A story in The New York Times this morning reveals the gaping holes in Florida State University’s investigation of its Heisman trophy-winning quarterback, Jameis Winston, after a female student accused him of rape last year. After the freshman student reported the assault to the local police in December 2012, the Times found,
The police did not follow the obvious leads that would have quickly identified the suspect as well as witnesses, one of whom videotaped part of the sexual encounter. After the accuser identified Mr. Winston as her assailant, the police did not even attempt to interview him for nearly two weeks and never obtained his DNA.
The story should be troubling to everyone who reads it—but especially to administrators at Pennsylvania State University. Not only is Penn State still getting over its own football-centered scandal, but the president it has hired to lead it into a scandal-free era is atmospheric scientist Eric Barron–until this month the president of Florida State.
To be clear, the Times does not suggest that Barron knew about the alleged rape or the mishandled investigation. While Florida State's athletic department knew about the accusations against Winston as early as January 2013, the Times never suggests that Barron was informed: In fact, his name appears only once in the exposé. Still, you might think Penn State could be having second thoughts about its pick to reform the school's football-focused culture—and help it to overcome bad press.
Penn State said it wasn’t reconsidering Barron’s appointment in light of today’s report. Anthony Lubrano, a Penn State trustee and vocal critic of the school’s decision to fire longtime coach Joe Paterno for turning a blind eye to child abuse by Jerry Sandusky, told me there were “no plans that I know of” to reconsider Barron’s hiring, or even to convene and discuss possible fallout from the Florida State episode. In his experience, he said, Barron is “an efficient, diligent human being,” and he added: “That story doesn’t suggest that Dr. Barron necessarily handled anything improperly.”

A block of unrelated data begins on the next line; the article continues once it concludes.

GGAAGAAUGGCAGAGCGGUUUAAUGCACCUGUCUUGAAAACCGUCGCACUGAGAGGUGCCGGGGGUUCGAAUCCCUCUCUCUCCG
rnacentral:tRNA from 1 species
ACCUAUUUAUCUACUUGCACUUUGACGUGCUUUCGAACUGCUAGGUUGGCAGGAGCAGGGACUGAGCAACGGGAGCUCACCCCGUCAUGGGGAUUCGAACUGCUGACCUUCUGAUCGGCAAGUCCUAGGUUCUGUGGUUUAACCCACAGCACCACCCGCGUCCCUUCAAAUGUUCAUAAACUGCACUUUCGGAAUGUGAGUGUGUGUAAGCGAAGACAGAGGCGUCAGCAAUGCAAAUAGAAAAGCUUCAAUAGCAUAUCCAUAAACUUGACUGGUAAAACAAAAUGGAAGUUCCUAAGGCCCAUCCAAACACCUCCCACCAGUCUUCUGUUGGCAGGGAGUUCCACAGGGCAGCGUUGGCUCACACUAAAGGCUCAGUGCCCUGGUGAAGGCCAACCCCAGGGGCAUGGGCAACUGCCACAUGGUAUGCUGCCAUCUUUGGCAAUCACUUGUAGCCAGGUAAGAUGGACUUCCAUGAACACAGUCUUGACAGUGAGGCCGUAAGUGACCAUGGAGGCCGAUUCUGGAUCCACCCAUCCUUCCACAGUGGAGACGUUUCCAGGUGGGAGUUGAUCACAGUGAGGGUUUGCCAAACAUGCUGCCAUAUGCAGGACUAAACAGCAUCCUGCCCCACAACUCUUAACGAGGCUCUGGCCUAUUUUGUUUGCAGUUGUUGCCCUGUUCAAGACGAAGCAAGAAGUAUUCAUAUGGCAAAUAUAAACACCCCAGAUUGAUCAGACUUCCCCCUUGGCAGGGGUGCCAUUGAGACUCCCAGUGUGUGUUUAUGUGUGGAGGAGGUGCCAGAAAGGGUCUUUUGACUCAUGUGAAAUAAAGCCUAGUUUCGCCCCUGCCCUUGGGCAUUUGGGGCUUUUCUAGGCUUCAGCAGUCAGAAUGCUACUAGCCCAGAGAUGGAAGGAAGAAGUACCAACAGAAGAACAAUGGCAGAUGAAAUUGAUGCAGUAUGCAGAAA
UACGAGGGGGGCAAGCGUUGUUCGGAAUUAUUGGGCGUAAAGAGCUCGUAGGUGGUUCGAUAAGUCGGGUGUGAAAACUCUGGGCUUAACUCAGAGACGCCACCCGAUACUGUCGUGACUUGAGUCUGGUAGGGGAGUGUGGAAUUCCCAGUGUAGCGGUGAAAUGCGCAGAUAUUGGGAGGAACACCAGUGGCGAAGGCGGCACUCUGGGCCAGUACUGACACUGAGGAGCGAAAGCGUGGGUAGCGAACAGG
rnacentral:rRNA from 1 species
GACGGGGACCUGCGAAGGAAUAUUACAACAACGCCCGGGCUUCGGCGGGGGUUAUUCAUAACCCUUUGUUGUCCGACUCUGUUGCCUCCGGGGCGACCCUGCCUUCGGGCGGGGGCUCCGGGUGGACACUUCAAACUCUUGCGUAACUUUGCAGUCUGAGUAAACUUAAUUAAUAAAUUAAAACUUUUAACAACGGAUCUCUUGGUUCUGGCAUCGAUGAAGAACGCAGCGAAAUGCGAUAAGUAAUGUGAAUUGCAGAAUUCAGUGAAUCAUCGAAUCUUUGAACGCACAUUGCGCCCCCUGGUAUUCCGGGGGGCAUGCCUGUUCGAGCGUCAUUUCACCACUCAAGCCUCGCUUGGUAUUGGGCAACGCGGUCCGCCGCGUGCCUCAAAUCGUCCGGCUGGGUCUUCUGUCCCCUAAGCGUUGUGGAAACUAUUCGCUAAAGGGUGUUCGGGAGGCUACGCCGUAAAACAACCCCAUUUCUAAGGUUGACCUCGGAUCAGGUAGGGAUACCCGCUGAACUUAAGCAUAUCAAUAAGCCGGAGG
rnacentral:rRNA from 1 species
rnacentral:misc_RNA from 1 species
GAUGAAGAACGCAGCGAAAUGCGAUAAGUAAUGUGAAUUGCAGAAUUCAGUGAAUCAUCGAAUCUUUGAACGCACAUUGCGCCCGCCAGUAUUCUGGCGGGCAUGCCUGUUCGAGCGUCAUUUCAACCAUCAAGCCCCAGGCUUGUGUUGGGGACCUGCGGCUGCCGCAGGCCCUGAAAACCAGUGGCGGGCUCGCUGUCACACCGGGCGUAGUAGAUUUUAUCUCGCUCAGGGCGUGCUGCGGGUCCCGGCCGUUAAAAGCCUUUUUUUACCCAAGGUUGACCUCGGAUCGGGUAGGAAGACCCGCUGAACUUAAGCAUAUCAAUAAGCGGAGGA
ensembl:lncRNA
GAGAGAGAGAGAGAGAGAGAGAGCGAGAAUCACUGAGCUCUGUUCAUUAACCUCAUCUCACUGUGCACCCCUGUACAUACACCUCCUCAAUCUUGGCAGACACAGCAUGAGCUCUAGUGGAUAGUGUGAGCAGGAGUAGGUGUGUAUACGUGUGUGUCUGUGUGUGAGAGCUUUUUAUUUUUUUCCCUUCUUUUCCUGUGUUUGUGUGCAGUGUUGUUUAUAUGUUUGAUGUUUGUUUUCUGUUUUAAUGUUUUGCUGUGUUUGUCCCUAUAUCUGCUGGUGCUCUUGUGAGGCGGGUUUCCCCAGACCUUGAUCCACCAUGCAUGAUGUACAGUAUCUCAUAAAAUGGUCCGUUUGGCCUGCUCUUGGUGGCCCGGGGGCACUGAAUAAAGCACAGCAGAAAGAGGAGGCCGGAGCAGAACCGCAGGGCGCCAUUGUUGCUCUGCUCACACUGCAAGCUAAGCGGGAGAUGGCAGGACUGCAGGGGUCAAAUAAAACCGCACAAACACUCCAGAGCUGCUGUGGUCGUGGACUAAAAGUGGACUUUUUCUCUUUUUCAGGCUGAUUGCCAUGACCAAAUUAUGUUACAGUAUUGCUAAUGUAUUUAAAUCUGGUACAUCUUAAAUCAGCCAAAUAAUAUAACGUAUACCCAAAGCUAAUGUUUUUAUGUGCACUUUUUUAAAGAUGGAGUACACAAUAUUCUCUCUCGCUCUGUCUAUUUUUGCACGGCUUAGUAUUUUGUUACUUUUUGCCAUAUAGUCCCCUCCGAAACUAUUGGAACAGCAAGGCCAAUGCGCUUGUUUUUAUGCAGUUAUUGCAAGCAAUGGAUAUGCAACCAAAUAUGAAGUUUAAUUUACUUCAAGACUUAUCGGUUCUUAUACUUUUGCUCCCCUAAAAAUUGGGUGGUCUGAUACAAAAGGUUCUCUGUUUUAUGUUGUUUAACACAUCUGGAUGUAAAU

Penn State spokeswoman Lisa Powers conveyed a similar message in an email:
Penn State is pleased that Eric Barron will officially become the president of our University on Monday, May 12. We look forward to his proven leadership as he takes the reins and guides the institution forward. In electing Dr. Barron, the Penn State Trustees conducted all appropriate, thorough background checks and investigations required by institutional policy for all employees.
Two former trustees whom Penn State alumni voted off the board of trustees for their role in firing Paterno—Paul Suhey and Stephanie Deviney—did not return requests for comment. Neither did former U.S. Senator George Mitchell, the “athletics integrity monitor” the school hired after the scandal.
“I think if we learned anything from Penn State, it’s that you have to be careful not to rush to any judgment," Lubrano said. "At Penn State, we rushed to too many.”